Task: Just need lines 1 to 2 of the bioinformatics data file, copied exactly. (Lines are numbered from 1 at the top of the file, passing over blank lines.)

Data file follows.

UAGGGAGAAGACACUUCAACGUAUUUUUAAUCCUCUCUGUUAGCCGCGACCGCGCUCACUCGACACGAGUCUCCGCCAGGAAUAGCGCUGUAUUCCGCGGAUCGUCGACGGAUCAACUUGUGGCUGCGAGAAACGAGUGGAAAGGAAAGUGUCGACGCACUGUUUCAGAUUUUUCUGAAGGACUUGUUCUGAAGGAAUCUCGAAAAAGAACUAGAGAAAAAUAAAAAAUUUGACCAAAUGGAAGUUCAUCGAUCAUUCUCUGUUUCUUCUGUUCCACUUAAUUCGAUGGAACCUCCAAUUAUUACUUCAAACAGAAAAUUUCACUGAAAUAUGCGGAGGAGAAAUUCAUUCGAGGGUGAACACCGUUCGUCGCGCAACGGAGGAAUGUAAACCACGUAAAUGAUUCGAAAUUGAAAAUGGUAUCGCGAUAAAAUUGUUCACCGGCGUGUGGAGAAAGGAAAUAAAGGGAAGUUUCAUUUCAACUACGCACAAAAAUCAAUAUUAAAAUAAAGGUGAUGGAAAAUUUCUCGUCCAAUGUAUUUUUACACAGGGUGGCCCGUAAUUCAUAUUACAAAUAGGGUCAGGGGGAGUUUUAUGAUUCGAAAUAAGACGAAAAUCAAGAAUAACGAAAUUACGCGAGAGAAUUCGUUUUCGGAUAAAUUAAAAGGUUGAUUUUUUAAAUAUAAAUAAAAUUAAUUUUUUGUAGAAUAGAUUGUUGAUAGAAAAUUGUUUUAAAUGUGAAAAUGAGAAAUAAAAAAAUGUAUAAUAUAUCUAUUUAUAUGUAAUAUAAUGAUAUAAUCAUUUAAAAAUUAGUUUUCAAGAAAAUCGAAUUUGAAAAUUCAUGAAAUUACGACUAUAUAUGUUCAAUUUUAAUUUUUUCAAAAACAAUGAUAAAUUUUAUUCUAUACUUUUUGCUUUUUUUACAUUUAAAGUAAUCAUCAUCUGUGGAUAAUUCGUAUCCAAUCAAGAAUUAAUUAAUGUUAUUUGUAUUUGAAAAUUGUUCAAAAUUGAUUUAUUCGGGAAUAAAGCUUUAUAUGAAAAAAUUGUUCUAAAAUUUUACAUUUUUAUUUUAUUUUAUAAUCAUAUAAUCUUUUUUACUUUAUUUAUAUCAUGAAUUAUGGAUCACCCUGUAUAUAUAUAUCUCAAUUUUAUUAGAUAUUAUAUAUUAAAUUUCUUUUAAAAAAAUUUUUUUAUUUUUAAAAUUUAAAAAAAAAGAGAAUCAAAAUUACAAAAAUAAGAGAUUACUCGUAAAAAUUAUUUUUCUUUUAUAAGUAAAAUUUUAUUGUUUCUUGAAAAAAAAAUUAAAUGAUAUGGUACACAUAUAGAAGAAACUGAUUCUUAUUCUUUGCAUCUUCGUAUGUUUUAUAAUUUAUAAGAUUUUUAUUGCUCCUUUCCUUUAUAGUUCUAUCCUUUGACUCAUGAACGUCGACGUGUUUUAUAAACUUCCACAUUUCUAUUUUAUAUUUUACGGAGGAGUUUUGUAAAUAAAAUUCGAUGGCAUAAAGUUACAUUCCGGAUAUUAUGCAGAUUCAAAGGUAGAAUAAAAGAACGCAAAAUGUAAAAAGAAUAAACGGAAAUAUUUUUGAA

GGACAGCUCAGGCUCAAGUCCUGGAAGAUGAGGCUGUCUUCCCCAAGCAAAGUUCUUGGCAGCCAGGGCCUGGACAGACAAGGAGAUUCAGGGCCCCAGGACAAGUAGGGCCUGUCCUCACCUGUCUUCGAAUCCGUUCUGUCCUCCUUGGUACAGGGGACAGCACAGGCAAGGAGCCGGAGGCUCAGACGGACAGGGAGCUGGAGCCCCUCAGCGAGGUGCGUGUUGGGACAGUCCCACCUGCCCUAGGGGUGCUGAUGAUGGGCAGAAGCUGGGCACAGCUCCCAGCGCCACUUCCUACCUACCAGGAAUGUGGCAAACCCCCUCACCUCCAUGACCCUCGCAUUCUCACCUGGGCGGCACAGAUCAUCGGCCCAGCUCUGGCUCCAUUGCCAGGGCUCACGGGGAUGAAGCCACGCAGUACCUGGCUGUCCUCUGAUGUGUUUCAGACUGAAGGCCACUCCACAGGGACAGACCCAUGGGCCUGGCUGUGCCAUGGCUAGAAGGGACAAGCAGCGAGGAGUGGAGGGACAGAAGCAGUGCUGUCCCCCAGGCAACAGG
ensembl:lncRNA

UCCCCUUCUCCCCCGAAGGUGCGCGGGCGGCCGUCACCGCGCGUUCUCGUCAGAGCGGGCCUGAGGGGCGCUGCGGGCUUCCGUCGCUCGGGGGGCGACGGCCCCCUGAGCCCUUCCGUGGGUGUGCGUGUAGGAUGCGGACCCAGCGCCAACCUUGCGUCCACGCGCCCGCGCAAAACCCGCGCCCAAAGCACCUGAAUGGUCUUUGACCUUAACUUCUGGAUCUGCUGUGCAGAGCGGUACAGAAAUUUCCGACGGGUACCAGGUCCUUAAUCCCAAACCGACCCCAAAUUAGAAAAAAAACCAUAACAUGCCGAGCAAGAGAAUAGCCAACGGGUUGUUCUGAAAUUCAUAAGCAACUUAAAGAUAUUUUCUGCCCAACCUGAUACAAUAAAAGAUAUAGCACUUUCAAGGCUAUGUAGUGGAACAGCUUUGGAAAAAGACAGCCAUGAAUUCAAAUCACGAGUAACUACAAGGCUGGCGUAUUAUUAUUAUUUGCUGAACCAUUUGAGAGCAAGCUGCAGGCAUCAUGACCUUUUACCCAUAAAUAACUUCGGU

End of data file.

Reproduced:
UAGGGAGAAGACACUUCAACGUAUUUUUAAUCCUCUCUGUUAGCCGCGACCGCGCUCACUCGACACGAGUCUCCGCCAGGAAUAGCGCUGUAUUCCGCGGAUCGUCGACGGAUCAACUUGUGGCUGCGAGAAACGAGUGGAAAGGAAAGUGUCGACGCACUGUUUCAGAUUUUUCUGAAGGACUUGUUCUGAAGGAAUCUCGAAAAAGAACUAGAGAAAAAUAAAAAAUUUGACCAAAUGGAAGUUCAUCGAUCAUUCUCUGUUUCUUCUGUUCCACUUAAUUCGAUGGAACCUCCAAUUAUUACUUCAAACAGAAAAUUUCACUGAAAUAUGCGGAGGAGAAAUUCAUUCGAGGGUGAACACCGUUCGUCGCGCAACGGAGGAAUGUAAACCACGUAAAUGAUUCGAAAUUGAAAAUGGUAUCGCGAUAAAAUUGUUCACCGGCGUGUGGAGAAAGGAAAUAAAGGGAAGUUUCAUUUCAACUACGCACAAAAAUCAAUAUUAAAAUAAAGGUGAUGGAAAAUUUCUCGUCCAAUGUAUUUUUACACAGGGUGGCCCGUAAUUCAUAUUACAAAUAGGGUCAGGGGGAGUUUUAUGAUUCGAAAUAAGACGAAAAUCAAGAAUAACGAAAUUACGCGAGAGAAUUCGUUUUCGGAUAAAUUAAAAGGUUGAUUUUUUAAAUAUAAAUAAAAUUAAUUUUUUGUAGAAUAGAUUGUUGAUAGAAAAUUGUUUUAAAUGUGAAAAUGAGAAAUAAAAAAAUGUAUAAUAUAUCUAUUUAUAUGUAAUAUAAUGAUAUAAUCAUUUAAAAAUUAGUUUUCAAGAAAAUCGAAUUUGAAAAUUCAUGAAAUUACGACUAUAUAUGUUCAAUUUUAAUUUUUUCAAAAACAAUGAUAAAUUUUAUUCUAUACUUUUUGCUUUUUUUACAUUUAAAGUAAUCAUCAUCUGUGGAUAAUUCGUAUCCAAUCAAGAAUUAAUUAAUGUUAUUUGUAUUUGAAAAUUGUUCAAAAUUGAUUUAUUCGGGAAUAAAGCUUUAUAUGAAAAAAUUGUUCUAAAAUUUUACAUUUUUAUUUUAUUUUAUAAUCAUAUAAUCUUUUUUACUUUAUUUAUAUCAUGAAUUAUGGAUCACCCUGUAUAUAUAUAUCUCAAUUUUAUUAGAUAUUAUAUAUUAAAUUUCUUUUAAAAAAAUUUUUUUAUUUUUAAAAUUUAAAAAAAAAGAGAAUCAAAAUUACAAAAAUAAGAGAUUACUCGUAAAAAUUAUUUUUCUUUUAUAAGUAAAAUUUUAUUGUUUCUUGAAAAAAAAAUUAAAUGAUAUGGUACACAUAUAGAAGAAACUGAUUCUUAUUCUUUGCAUCUUCGUAUGUUUUAUAAUUUAUAAGAUUUUUAUUGCUCCUUUCCUUUAUAGUUCUAUCCUUUGACUCAUGAACGUCGACGUGUUUUAUAAACUUCCACAUUUCUAUUUUAUAUUUUACGGAGGAGUUUUGUAAAUAAAAUUCGAUGGCAUAAAGUUACAUUCCGGAUAUUAUGCAGAUUCAAAGGUAGAAUAAAAGAACGCAAAAUGUAAAAAGAAUAAACGGAAAUAUUUUUGAA

GGACAGCUCAGGCUCAAGUCCUGGAAGAUGAGGCUGUCUUCCCCAAGCAAAGUUCUUGGCAGCCAGGGCCUGGACAGACAAGGAGAUUCAGGGCCCCAGGACAAGUAGGGCCUGUCCUCACCUGUCUUCGAAUCCGUUCUGUCCUCCUUGGUACAGGGGACAGCACAGGCAAGGAGCCGGAGGCUCAGACGGACAGGGAGCUGGAGCCCCUCAGCGAGGUGCGUGUUGGGACAGUCCCACCUGCCCUAGGGGUGCUGAUGAUGGGCAGAAGCUGGGCACAGCUCCCAGCGCCACUUCCUACCUACCAGGAAUGUGGCAAACCCCCUCACCUCCAUGACCCUCGCAUUCUCACCUGGGCGGCACAGAUCAUCGGCCCAGCUCUGGCUCCAUUGCCAGGGCUCACGGGGAUGAAGCCACGCAGUACCUGGCUGUCCUCUGAUGUGUUUCAGACUGAAGGCCACUCCACAGGGACAGACCCAUGGGCCUGGCUGUGCCAUGGCUAGAAGGGACAAGCAGCGAGGAGUGGAGGGACAGAAGCAGUGCUGUCCCCCAGGCAACAGG